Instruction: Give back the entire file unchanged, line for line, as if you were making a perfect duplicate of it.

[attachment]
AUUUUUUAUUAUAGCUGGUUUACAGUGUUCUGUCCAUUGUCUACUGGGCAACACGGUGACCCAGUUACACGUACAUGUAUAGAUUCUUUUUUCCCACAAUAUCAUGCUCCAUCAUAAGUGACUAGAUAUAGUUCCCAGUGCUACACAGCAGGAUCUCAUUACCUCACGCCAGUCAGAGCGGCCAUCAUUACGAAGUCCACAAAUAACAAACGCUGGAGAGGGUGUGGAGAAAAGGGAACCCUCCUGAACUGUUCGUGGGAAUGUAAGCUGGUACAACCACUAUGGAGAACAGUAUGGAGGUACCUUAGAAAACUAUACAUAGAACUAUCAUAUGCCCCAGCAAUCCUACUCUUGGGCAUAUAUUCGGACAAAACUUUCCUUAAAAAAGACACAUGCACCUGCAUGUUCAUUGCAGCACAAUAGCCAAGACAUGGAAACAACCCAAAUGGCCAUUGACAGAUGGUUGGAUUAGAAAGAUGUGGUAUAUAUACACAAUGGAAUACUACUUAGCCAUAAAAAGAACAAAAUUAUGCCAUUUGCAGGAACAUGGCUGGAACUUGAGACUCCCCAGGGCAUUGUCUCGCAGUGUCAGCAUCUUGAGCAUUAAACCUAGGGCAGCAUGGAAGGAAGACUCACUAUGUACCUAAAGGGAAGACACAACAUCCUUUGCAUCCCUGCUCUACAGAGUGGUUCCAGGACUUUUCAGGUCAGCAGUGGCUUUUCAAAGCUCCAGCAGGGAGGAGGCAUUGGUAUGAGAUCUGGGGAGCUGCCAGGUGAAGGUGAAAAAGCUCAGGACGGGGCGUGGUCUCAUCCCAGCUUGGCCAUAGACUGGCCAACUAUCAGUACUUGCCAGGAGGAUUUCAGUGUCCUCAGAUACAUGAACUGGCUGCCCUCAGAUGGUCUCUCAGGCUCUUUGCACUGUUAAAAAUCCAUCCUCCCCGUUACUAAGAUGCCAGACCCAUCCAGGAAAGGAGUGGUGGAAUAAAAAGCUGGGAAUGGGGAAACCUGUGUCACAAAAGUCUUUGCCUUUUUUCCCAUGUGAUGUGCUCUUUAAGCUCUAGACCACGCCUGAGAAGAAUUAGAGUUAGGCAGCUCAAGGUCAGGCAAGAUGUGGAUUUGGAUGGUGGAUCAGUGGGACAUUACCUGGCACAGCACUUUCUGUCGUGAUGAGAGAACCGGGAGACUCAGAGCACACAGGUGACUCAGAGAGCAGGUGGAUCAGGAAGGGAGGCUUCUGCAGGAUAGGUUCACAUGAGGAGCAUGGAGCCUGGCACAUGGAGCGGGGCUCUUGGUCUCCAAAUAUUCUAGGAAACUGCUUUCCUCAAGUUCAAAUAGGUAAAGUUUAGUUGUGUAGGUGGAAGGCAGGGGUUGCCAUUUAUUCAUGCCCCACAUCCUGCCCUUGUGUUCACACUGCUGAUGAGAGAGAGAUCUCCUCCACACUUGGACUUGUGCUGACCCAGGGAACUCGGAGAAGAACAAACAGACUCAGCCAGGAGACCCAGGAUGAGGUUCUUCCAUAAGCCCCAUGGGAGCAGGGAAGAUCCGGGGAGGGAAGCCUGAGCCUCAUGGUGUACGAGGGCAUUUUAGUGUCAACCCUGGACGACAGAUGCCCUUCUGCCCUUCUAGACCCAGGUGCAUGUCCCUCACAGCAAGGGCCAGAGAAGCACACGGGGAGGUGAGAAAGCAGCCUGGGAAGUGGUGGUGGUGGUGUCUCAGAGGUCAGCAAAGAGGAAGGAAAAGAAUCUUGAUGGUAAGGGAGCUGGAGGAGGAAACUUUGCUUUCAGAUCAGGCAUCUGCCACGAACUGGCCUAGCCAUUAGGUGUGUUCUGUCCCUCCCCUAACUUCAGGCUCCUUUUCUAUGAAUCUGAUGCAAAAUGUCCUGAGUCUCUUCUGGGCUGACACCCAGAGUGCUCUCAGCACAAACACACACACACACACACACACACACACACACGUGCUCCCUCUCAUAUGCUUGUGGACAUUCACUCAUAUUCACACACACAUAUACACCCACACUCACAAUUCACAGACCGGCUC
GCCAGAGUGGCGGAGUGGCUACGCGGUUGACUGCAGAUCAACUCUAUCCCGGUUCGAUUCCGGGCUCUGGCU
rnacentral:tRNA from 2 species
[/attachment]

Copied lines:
AUUUUUUAUUAUAGCUGGUUUACAGUGUUCUGUCCAUUGUCUACUGGGCAACACGGUGACCCAGUUACACGUACAUGUAUAGAUUCUUUUUUCCCACAAUAUCAUGCUCCAUCAUAAGUGACUAGAUAUAGUUCCCAGUGCUACACAGCAGGAUCUCAUUACCUCACGCCAGUCAGAGCGGCCAUCAUUACGAAGUCCACAAAUAACAAACGCUGGAGAGGGUGUGGAGAAAAGGGAACCCUCCUGAACUGUUCGUGGGAAUGUAAGCUGGUACAACCACUAUGGAGAACAGUAUGGAGGUACCUUAGAAAACUAUACAUAGAACUAUCAUAUGCCCCAGCAAUCCUACUCUUGGGCAUAUAUUCGGACAAAACUUUCCUUAAAAAAGACACAUGCACCUGCAUGUUCAUUGCAGCACAAUAGCCAAGACAUGGAAACAACCCAAAUGGCCAUUGACAGAUGGUUGGAUUAGAAAGAUGUGGUAUAUAUACACAAUGGAAUACUACUUAGCCAUAAAAAGAACAAAAUUAUGCCAUUUGCAGGAACAUGGCUGGAACUUGAGACUCCCCAGGGCAUUGUCUCGCAGUGUCAGCAUCUUGAGCAUUAAACCUAGGGCAGCAUGGAAGGAAGACUCACUAUGUACCUAAAGGGAAGACACAACAUCCUUUGCAUCCCUGCUCUACAGAGUGGUUCCAGGACUUUUCAGGUCAGCAGUGGCUUUUCAAAGCUCCAGCAGGGAGGAGGCAUUGGUAUGAGAUCUGGGGAGCUGCCAGGUGAAGGUGAAAAAGCUCAGGACGGGGCGUGGUCUCAUCCCAGCUUGGCCAUAGACUGGCCAACUAUCAGUACUUGCCAGGAGGAUUUCAGUGUCCUCAGAUACAUGAACUGGCUGCCCUCAGAUGGUCUCUCAGGCUCUUUGCACUGUUAAAAAUCCAUCCUCCCCGUUACUAAGAUGCCAGACCCAUCCAGGAAAGGAGUGGUGGAAUAAAAAGCUGGGAAUGGGGAAACCUGUGUCACAAAAGUCUUUGCCUUUUUUCCCAUGUGAUGUGCUCUUUAAGCUCUAGACCACGCCUGAGAAGAAUUAGAGUUAGGCAGCUCAAGGUCAGGCAAGAUGUGGAUUUGGAUGGUGGAUCAGUGGGACAUUACCUGGCACAGCACUUUCUGUCGUGAUGAGAGAACCGGGAGACUCAGAGCACACAGGUGACUCAGAGAGCAGGUGGAUCAGGAAGGGAGGCUUCUGCAGGAUAGGUUCACAUGAGGAGCAUGGAGCCUGGCACAUGGAGCGGGGCUCUUGGUCUCCAAAUAUUCUAGGAAACUGCUUUCCUCAAGUUCAAAUAGGUAAAGUUUAGUUGUGUAGGUGGAAGGCAGGGGUUGCCAUUUAUUCAUGCCCCACAUCCUGCCCUUGUGUUCACACUGCUGAUGAGAGAGAGAUCUCCUCCACACUUGGACUUGUGCUGACCCAGGGAACUCGGAGAAGAACAAACAGACUCAGCCAGGAGACCCAGGAUGAGGUUCUUCCAUAAGCCCCAUGGGAGCAGGGAAGAUCCGGGGAGGGAAGCCUGAGCCUCAUGGUGUACGAGGGCAUUUUAGUGUCAACCCUGGACGACAGAUGCCCUUCUGCCCUUCUAGACCCAGGUGCAUGUCCCUCACAGCAAGGGCCAGAGAAGCACACGGGGAGGUGAGAAAGCAGCCUGGGAAGUGGUGGUGGUGGUGUCUCAGAGGUCAGCAAAGAGGAAGGAAAAGAAUCUUGAUGGUAAGGGAGCUGGAGGAGGAAACUUUGCUUUCAGAUCAGGCAUCUGCCACGAACUGGCCUAGCCAUUAGGUGUGUUCUGUCCCUCCCCUAACUUCAGGCUCCUUUUCUAUGAAUCUGAUGCAAAAUGUCCUGAGUCUCUUCUGGGCUGACACCCAGAGUGCUCUCAGCACAAACACACACACACACACACACACACACACACACGUGCUCCCUCUCAUAUGCUUGUGGACAUUCACUCAUAUUCACACACACAUAUACACCCACACUCACAAUUCACAGACCGGCUC
GCCAGAGUGGCGGAGUGGCUACGCGGUUGACUGCAGAUCAACUCUAUCCCGGUUCGAUUCCGGGCUCUGGCU
rnacentral:tRNA from 2 species